“When it comes to winning the Super Bowl of tourism, Northern Kentucky is winning,” she says. “We're the number two destination in the state of Kentucky for economic impact. We have jumped over Lexington, and we're not done yet.” NKY

NORTHERN KENTUCKY BUSINESS JOURNAL PAGE 16
PICTURED: (top) meetNKY staff photo at the Annual Meeting at Turfway Park Raving and Gaming; (middle) Creola Dickerson, Head Single Barrel Ambassadorat New Riff, hosts a barrel pick for a group of friends from Michigan. (bottom) A toast of beer and bourbon on the Purple People Bridge.
PAGE 17 TOURISM | VOLUME 42 NUMBER 5

SMALL BUSINESS SPOTLIGHT

Newport business produces memorable meals throughout the region

The name of her company is not simply an attempt at being catchy or kitschy; in the case of eat well celebrations and feasts, it’s simply how Owner and Chef Renee Schuler approaches every event she undertakes.

“To me, cooking is a wonderful, enjoyable thing that I’ve always seen as something that can be an incredibly beautiful and enjoyable experience,” says Schuler. “At eat well, we have food metrics that we look at: Flavor, texture, color and temperature and our fifth metric is ‘wow’ – I love thinking about food,” says Schuler.

Combining her creative and scientific sides brings an added layer of excitement to cooking for the area native.

“I think I have a little bit of my mother, who was a visual artist, and my father, who was an oral and maxillofacial surgeon, in me,” says Schuler. “Cooking combines both of those in an incredible way as you must approach it with an open and creative mind, but there is also a science behind it. The more you learn about the science behind cooking, the easier it is to take your creative ideas and translate them into something spectacular.”

Given the fact she’s approaching nearly 20 years in business, plenty of people throughout Greater Cincinnati and Northern Kentucky can’t wait to see – and taste – what she cooks up next.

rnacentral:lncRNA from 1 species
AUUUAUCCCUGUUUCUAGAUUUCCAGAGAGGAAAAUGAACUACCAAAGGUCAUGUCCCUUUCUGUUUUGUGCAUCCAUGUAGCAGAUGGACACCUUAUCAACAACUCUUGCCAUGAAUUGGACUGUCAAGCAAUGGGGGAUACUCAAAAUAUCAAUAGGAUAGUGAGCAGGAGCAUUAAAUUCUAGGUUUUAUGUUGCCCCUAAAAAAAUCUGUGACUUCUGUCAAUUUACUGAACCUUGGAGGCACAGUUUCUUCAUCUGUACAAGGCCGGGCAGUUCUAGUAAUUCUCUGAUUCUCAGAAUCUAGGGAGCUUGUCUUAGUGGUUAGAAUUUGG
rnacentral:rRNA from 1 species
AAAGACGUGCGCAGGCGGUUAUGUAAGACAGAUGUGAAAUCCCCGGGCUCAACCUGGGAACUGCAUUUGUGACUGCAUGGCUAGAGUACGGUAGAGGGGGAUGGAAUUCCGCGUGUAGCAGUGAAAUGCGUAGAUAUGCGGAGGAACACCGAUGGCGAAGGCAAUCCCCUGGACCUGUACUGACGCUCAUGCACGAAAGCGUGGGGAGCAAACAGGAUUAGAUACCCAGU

APPETITE FOR SUCCESS

Housed inside the 20,000 square foot former home of Bernhard’s Bakery and the Yorkshire Club in Newport, eat well has provided catering services since 2005. Schuler, now residing in Covington, opened her business upon her return from New York City, the site where she began her culinary career at the Institute of Culinary Education in Manhattan. Working for companies owned by renowned chefs Bobby Flay and Daniel Boulud during her time in the Big Apple, Schuler eventually made her way back home to be closer to family. Working for various restaurants and catering companies, Schuler says one of her sisters, a visual artist like their mother, asked if she could cater her art opening. Fastforward two decades and Schuler has never looked back.

With a bachelor’s degree in psychology from DePauw University in Indiana, Schuler is keen to note the impact of food in connection to people’s feelings about a particular experience. That is one reason why she enjoys getting to serve as an unofficial ambassador for Greater Cincinnati and Northern Kentucky when catering events for major events that draw significant out-of-town visitors.

By serving up good meals, she hopes that all those in attendance will leave with good memories of their time in the region.

“It is a big honor and huge responsibility to provide food and service for someone's wedding, big birthday event, anniversary, or even a corporate launch of any sort,” she says. “One of my favorite events we do is for Cincinnati Children's Hospital. There's an international meeting they host every other year with doctors traveling in from all around the world. Many of them have very high expectations, so I really do feel the responsibility of making sure that when they're here, they're experiencing excellence in not only the food but in the entire experience.”

NORTHERN KENTUCKY BUSINESS JOURNAL PAGE 18

RECIPE FOR SUCCESS

In addition to its catering services, eat well also features the Takeaway Shop, an online service where customers can select from a variety of options to create a meal for pickup or delivery. With meals often themed around major social and religious holidays, Schuler says the Takeaway Shop was key to eat well’s survival during the pandemic.

“It made a lot of sense, but it's also a great way to help those hosting smaller events, even if it's just two people celebrating the holidays together,” she says.

Schuler loves her work, not just for the joy it brings her but also for the joy it brings to all those she serves.

“Food is a great connector, bringing people together around the table; one of the things that I like to say is ‘Never underestimate the power of good food.’ Never underestimate the gift of bringing people around the table to have a delicious meal for connection – that is an incredible gift that you can give to your fellow human beings,” she says. “We like to make sure that all our guests are comfortable. That's our top priority and we do that through providing excellent food and service.” NKY